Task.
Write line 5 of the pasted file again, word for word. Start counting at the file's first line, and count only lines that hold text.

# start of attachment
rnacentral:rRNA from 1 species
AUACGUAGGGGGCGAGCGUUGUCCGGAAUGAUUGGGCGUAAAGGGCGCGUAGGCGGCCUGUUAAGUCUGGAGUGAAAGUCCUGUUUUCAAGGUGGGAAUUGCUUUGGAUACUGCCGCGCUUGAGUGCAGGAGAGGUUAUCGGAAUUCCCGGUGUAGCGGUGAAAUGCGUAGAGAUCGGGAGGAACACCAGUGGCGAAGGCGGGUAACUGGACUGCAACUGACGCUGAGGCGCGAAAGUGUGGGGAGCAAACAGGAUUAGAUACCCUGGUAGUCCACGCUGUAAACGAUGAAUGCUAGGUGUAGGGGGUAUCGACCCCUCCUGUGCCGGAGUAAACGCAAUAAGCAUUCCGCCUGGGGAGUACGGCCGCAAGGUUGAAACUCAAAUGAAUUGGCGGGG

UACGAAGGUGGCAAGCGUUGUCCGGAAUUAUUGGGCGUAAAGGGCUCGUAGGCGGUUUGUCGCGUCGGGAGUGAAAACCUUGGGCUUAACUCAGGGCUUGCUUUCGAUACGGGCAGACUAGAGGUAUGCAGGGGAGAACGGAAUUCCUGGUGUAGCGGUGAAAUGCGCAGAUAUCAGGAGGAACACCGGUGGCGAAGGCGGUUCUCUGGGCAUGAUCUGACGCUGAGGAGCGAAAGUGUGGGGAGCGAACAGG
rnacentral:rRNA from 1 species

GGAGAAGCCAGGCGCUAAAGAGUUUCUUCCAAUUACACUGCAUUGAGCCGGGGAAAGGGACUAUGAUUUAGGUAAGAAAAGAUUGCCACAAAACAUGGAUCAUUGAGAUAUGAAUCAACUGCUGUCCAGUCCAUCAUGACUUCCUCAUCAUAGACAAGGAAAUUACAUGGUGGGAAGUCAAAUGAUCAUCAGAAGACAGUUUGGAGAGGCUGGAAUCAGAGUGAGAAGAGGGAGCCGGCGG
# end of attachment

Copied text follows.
GGAGAAGCCAGGCGCUAAAGAGUUUCUUCCAAUUACACUGCAUUGAGCCGGGGAAAGGGACUAUGAUUUAGGUAAGAAAAGAUUGCCACAAAACAUGGAUCAUUGAGAUAUGAAUCAACUGCUGUCCAGUCCAUCAUGACUUCCUCAUCAUAGACAAGGAAAUUACAUGGUGGGAAGUCAAAUGAUCAUCAGAAGACAGUUUGGAGAGGCUGGAAUCAGAGUGAGAAGAGGGAGCCGGCGG